The Guardian features a look at the influence of librarians in the evolving fight for various of the liberties that here on Slashdot we group together as Your Rights Online. The article points out that the evolution of libraries from book repositiories to more general centers for information technology means that librarians have been pressured in many small ways to give up their patrons' privacy, and have (at least often) successfully resisted that pressure, including some from the NSA. A small slice: The first politician to discover the danger of underestimating what happens when you have thousands of librarians on your case was attorney general John Ashcroft who, in 2003, accused the American Library Association of “baseless hysteria” and ridiculed their protests against the Patriot Act. ... US libraries were once protected from blanket requests for records of what their patrons were reading or viewing online, but the legislation rushed through after after 9/11 threatened to wreck this tradition of confidentiality in ways that presaged later discoveries of bulk telephone and internet record collection."
Data Storage

How To Store Your Data For 1 Million Years 110 110

Whiteox writes with Fast Company's article about Robert Grass and his team, which is exploring how to use DNA as a data storage mechanism, along with others working on truly long-term storage. Both commercial interests and academic researchers are interested in protecting data not just for years or decades, but for multi-century stretches, right out into the millions. From the article: The idea of storing information on DNA traces back to a Soviet lab in the 1960s, but the first successful implementation wasn't achieved until 2012, when biologist George Church and his colleagues announced in the journal Science that they had encoded one of Church's books in DNA. More recently, reports the New Yorker, the artist Joe Davis, now in residence at Church's lab, has announced plans to encode bits of Wikipedia into a particularly old strain of apple, so that he can create "a living, literal tree of knowledge. "Impressive," writes Whiteox, "but I wonder if our future selves can make life from our archived data?"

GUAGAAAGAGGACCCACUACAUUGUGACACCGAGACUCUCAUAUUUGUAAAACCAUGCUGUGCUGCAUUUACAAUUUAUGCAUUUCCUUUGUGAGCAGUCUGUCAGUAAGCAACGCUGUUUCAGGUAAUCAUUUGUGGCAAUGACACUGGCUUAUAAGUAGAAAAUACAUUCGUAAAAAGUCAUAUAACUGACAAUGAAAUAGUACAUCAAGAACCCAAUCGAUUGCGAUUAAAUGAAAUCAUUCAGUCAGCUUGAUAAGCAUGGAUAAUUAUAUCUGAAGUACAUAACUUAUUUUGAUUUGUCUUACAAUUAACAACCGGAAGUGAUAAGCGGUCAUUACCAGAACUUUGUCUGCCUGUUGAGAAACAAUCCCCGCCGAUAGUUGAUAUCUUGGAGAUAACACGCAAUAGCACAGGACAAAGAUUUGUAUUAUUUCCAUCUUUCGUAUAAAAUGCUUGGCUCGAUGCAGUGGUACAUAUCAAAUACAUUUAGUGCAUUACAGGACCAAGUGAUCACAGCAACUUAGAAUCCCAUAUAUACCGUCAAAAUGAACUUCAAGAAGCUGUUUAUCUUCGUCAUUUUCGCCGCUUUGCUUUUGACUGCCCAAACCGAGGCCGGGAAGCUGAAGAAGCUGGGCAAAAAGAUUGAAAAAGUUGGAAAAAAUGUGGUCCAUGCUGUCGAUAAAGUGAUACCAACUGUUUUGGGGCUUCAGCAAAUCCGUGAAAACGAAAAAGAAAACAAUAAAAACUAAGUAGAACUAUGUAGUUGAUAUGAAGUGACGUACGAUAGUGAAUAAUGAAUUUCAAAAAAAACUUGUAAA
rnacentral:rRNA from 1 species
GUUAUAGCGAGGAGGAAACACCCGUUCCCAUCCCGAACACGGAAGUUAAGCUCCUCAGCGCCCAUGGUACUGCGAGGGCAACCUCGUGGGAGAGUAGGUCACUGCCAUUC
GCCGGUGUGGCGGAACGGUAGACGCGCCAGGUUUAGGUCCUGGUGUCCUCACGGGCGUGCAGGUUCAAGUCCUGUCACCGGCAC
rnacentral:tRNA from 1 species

Stats

Google Diversity Report Straight Out of 'How To Lie With Statistics' Playbook 287 287